It’s part two of Tech Digest’s interview with Bruce Renny from ROK. Following Wednesday’s focus on FreeBeTV, the company’s new mobile TV service, today it’s time to talk about Viper, which ROK launched a couple of weeks ago touting it as a "free mobile VoIP" service.
However, it’s since come in for some criticism online, for not being the over-the-air VoIP solution that you might expect, but instead letting you make calls from your mobile phone via Bluetooth to an internet-connected computer.
"All the system turns out to be is software that makes certain mobile phones glorified Bluetooth headsets for a PC-based VoIP network. So yeah, it’s mobile, as long as you’re within Bluetooth range of a PC that’s within range of a broadband connection," said MobHappy, while The Inquirer pointed out that the service doesn’t yet support that many Bluetooth phones. Still, Renny is bullish about the potential of Viper, and its implications for the mobile industry.
First, the basics. You can download the Viper application from ROK’s website, and to use it you need a Bluetooth-enabled phone and PC. It’s true that currently, it only works with six Nokia handsets – the 6630, 6680, 6681, 6682, N70 and N90 – although Renny says this will be expanded to 100 handsets by Christmas. So what’s the big idea?
"We’re all conscious of the phenomenon of Skype, which has signed up 100 million people worldwide with barely any advertising," he says. "It’s a phenomenon, but it’s clunky. Skype requires you to be wired to your PC. Our idea is to make mobile VoIP available via Bluetooth. Your Bluetooth handset directs your mobile call to your PC, routes that to whoever you’re calling, and it pops out of their PC via Bluetooth."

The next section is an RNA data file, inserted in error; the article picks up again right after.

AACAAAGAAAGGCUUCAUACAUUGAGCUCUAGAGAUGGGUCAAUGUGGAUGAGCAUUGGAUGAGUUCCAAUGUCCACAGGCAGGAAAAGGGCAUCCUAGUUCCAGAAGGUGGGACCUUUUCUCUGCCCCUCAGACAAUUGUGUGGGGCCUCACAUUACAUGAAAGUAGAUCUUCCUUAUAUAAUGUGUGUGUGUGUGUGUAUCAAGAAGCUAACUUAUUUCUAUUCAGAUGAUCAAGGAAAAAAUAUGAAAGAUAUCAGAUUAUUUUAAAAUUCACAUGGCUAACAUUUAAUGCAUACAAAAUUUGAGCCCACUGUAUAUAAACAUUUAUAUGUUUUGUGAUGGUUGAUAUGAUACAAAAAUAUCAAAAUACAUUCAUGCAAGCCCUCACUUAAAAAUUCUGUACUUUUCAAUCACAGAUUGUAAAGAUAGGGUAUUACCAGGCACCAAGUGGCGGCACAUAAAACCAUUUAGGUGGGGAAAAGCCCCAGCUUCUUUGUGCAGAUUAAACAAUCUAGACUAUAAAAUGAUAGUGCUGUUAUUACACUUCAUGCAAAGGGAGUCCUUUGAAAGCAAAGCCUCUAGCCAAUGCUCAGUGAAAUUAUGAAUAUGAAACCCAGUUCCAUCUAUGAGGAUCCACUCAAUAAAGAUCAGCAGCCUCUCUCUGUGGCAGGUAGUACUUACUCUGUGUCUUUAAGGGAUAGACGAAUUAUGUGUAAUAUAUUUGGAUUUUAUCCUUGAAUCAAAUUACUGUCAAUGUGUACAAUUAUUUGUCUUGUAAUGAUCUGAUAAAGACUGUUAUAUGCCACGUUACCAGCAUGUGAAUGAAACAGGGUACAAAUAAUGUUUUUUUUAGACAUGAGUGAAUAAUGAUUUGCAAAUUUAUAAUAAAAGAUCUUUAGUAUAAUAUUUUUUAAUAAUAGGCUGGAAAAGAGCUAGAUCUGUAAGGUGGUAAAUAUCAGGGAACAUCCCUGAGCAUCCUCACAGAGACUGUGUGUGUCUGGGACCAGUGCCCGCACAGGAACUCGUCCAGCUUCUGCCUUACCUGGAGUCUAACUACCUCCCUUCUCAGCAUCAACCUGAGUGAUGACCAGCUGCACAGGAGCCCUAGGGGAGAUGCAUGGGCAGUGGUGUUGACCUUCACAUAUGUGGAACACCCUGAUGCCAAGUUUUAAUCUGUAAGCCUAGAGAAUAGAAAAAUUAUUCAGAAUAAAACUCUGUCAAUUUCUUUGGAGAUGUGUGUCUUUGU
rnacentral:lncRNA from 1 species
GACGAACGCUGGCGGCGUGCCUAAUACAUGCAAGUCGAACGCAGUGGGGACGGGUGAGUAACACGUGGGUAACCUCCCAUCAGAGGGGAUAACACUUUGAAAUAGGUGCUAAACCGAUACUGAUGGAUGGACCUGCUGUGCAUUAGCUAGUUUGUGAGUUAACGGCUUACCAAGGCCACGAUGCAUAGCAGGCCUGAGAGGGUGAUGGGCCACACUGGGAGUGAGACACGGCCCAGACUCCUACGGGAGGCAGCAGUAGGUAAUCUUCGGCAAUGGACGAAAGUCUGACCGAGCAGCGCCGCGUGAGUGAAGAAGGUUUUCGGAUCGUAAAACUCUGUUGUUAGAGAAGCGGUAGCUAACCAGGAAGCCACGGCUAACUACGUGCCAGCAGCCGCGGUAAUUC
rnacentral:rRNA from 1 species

The application is free to download, and Viper-to-Viper calls are free. Renny pitches one use as business travellers when abroad, using the service via their laptops to avoid roaming charges. Surely they’ll just take a Skype headset and use that with their laptop? But ROK’s view is that the freedom to roam around their hotel room, as well as not having to pack an extra device, will persuade users.
Another downside of the service as it launched is the inability to call non-Viper users. "Down the road, we’ll be introducing that," says Renny. "A Viper-to-non-Viper call will cost a fraction of the operators’ call charges. Something like 2p a minute. But we’re hoping like Skype, people will pro-actively viral this to their friends, families and business contacts."
Since Viper launched two weeks ago, Renny says the application has been downloaded over 6,000 times, with 1,500 active users already, and 90,000 visitors to the website (many of whom presumably discovered their phone wasn’t yet supported). It’s fair to say that right now, Viper is an early-adopter thing, although ROK wants this to change.
"The trick is to make it user-friendly," says Renny. "We don’t expect everyone to have a PhD in computer electronics. If a 45-year-old housewife can use it without any particular instructions, then it is consumer-friendly. Our UI is improving all the time, and we’re asking for feedback. We don’t know all the answers, and we’re honest about that. So all the technical feedback, good bad or indifferent, is giving us a broader perspective on what we need to do."